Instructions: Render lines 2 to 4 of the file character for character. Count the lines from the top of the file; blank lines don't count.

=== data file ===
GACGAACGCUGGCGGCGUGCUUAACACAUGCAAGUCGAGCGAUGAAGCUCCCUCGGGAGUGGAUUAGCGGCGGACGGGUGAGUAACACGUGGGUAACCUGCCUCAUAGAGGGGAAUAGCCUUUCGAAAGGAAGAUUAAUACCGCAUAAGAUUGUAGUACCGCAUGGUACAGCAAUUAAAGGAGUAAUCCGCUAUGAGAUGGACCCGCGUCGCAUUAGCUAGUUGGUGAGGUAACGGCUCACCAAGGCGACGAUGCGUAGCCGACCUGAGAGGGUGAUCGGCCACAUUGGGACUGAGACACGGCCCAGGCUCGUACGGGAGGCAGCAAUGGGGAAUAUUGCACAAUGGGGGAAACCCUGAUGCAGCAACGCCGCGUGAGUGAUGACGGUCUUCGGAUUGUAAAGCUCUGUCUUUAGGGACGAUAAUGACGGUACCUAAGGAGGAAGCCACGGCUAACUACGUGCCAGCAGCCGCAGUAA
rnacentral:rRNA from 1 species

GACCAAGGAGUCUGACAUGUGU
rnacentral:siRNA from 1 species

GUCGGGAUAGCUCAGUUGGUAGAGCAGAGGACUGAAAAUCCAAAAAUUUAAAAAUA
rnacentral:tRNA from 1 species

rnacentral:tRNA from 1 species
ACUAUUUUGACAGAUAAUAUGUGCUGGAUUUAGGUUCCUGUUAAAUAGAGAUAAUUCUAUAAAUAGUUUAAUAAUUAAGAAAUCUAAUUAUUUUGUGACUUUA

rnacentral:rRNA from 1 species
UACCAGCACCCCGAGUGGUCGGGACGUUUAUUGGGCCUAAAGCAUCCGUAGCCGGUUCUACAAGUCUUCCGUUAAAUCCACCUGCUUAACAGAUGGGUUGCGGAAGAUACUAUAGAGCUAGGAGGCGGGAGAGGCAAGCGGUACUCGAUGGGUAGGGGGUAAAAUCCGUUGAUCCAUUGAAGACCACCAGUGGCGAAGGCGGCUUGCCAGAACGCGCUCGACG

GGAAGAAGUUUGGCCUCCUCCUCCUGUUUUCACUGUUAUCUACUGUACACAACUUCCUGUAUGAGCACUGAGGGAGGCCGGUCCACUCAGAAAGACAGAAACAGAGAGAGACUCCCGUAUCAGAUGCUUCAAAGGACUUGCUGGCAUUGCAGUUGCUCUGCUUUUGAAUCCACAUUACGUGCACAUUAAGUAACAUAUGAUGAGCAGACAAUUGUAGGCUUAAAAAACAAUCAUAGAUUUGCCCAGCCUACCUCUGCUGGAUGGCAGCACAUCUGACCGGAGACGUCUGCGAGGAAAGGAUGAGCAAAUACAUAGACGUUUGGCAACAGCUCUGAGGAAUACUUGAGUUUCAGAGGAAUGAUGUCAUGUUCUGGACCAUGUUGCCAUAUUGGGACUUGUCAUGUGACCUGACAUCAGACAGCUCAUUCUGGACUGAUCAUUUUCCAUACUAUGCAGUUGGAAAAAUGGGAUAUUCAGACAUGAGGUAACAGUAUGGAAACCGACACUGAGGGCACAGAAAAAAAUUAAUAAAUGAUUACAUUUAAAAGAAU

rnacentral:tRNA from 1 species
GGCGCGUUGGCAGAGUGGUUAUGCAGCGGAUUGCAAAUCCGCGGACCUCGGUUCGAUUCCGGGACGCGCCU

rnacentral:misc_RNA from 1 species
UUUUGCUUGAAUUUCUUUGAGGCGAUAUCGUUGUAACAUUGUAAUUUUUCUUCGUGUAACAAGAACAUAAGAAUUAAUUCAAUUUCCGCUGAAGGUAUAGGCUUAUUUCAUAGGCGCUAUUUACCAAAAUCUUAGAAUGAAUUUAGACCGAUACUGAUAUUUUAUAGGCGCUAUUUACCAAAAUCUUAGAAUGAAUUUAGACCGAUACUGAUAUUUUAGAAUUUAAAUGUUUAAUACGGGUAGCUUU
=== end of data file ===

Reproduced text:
rnacentral:rRNA from 1 species

GACCAAGGAGUCUGACAUGUGU
rnacentral:siRNA from 1 species